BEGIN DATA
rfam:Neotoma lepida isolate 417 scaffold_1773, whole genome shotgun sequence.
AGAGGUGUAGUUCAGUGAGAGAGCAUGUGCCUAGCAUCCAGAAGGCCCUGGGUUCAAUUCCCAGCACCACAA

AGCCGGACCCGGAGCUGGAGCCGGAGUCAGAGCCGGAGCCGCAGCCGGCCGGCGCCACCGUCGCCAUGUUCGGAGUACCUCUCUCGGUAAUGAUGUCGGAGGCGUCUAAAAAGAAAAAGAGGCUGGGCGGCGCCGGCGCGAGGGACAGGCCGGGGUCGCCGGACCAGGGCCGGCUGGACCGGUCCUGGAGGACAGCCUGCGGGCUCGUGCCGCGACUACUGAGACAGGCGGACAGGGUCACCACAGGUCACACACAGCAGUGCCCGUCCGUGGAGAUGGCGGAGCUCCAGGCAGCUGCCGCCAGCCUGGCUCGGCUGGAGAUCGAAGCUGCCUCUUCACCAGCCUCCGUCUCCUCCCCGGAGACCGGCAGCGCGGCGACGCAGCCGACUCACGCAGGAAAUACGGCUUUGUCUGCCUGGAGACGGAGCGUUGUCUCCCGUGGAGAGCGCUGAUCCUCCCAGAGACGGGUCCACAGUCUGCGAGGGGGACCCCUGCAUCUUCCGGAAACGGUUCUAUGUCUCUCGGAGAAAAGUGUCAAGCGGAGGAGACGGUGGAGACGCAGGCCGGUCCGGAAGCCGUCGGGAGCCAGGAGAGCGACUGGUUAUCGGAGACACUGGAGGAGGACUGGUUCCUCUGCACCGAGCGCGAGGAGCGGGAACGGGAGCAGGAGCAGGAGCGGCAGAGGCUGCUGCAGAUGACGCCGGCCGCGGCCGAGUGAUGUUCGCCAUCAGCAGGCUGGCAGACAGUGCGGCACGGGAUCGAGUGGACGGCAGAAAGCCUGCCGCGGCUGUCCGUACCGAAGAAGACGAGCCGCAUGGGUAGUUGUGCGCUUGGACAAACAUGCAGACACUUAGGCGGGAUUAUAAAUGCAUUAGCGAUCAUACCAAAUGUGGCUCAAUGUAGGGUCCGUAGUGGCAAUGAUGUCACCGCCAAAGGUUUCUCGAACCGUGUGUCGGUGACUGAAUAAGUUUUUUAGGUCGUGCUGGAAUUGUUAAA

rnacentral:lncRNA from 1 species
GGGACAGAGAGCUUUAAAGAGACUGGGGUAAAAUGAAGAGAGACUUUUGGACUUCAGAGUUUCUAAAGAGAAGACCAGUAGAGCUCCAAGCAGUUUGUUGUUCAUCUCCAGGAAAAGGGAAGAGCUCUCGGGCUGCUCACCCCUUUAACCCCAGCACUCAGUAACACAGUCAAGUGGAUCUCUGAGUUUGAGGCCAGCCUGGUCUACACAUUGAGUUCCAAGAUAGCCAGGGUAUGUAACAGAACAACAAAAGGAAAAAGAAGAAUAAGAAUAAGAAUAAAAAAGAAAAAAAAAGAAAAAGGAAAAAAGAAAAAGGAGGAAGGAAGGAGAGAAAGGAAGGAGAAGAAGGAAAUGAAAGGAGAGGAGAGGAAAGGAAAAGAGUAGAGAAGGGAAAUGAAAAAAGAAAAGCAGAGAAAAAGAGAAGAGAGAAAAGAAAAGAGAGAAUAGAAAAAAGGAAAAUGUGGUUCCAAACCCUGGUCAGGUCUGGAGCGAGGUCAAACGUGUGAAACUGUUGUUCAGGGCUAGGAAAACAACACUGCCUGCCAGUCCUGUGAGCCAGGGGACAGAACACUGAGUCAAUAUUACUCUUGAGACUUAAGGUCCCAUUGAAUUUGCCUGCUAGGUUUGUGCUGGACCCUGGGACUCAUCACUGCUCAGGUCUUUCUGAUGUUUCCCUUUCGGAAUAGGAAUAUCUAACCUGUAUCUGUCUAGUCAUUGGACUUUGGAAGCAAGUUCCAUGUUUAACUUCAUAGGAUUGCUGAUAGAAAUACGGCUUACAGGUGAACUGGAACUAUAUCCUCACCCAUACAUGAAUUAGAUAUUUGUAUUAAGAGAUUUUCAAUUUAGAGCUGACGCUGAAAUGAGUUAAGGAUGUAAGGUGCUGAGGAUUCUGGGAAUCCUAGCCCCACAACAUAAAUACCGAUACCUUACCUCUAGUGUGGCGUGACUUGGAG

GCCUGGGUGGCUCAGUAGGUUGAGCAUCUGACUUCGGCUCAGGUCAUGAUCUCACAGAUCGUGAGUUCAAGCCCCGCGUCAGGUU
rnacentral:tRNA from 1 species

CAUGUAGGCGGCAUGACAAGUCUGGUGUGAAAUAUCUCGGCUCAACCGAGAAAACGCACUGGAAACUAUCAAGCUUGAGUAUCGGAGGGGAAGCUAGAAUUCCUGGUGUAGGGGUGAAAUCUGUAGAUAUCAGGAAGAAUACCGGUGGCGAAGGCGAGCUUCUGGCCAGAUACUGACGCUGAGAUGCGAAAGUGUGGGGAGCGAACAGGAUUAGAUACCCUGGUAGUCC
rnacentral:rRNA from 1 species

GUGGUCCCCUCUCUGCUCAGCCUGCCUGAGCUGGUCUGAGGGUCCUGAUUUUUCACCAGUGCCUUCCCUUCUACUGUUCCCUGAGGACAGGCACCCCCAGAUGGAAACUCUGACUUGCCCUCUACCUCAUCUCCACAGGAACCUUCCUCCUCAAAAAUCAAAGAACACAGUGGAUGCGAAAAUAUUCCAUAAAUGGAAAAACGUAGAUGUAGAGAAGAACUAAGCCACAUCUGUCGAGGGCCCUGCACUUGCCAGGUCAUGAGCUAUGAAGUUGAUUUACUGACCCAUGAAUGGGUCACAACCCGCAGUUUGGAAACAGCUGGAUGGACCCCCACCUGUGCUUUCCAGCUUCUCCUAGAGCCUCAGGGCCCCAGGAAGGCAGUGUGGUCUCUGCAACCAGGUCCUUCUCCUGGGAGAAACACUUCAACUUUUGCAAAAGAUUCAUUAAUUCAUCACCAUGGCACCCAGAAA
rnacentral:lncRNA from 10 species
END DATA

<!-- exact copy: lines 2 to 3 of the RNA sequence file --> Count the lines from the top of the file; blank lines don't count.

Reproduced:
AGAGGUGUAGUUCAGUGAGAGAGCAUGUGCCUAGCAUCCAGAAGGCCCUGGGUUCAAUUCCCAGCACCACAA

AGCCGGACCCGGAGCUGGAGCCGGAGUCAGAGCCGGAGCCGCAGCCGGCCGGCGCCACCGUCGCCAUGUUCGGAGUACCUCUCUCGGUAAUGAUGUCGGAGGCGUCUAAAAAGAAAAAGAGGCUGGGCGGCGCCGGCGCGAGGGACAGGCCGGGGUCGCCGGACCAGGGCCGGCUGGACCGGUCCUGGAGGACAGCCUGCGGGCUCGUGCCGCGACUACUGAGACAGGCGGACAGGGUCACCACAGGUCACACACAGCAGUGCCCGUCCGUGGAGAUGGCGGAGCUCCAGGCAGCUGCCGCCAGCCUGGCUCGGCUGGAGAUCGAAGCUGCCUCUUCACCAGCCUCCGUCUCCUCCCCGGAGACCGGCAGCGCGGCGACGCAGCCGACUCACGCAGGAAAUACGGCUUUGUCUGCCUGGAGACGGAGCGUUGUCUCCCGUGGAGAGCGCUGAUCCUCCCAGAGACGGGUCCACAGUCUGCGAGGGGGACCCCUGCAUCUUCCGGAAACGGUUCUAUGUCUCUCGGAGAAAAGUGUCAAGCGGAGGAGACGGUGGAGACGCAGGCCGGUCCGGAAGCCGUCGGGAGCCAGGAGAGCGACUGGUUAUCGGAGACACUGGAGGAGGACUGGUUCCUCUGCACCGAGCGCGAGGAGCGGGAACGGGAGCAGGAGCAGGAGCGGCAGAGGCUGCUGCAGAUGACGCCGGCCGCGGCCGAGUGAUGUUCGCCAUCAGCAGGCUGGCAGACAGUGCGGCACGGGAUCGAGUGGACGGCAGAAAGCCUGCCGCGGCUGUCCGUACCGAAGAAGACGAGCCGCAUGGGUAGUUGUGCGCUUGGACAAACAUGCAGACACUUAGGCGGGAUUAUAAAUGCAUUAGCGAUCAUACCAAAUGUGGCUCAAUGUAGGGUCCGUAGUGGCAAUGAUGUCACCGCCAAAGGUUUCUCGAACCGUGUGUCGGUGACUGAAUAAGUUUUUUAGGUCGUGCUGGAAUUGUUAAA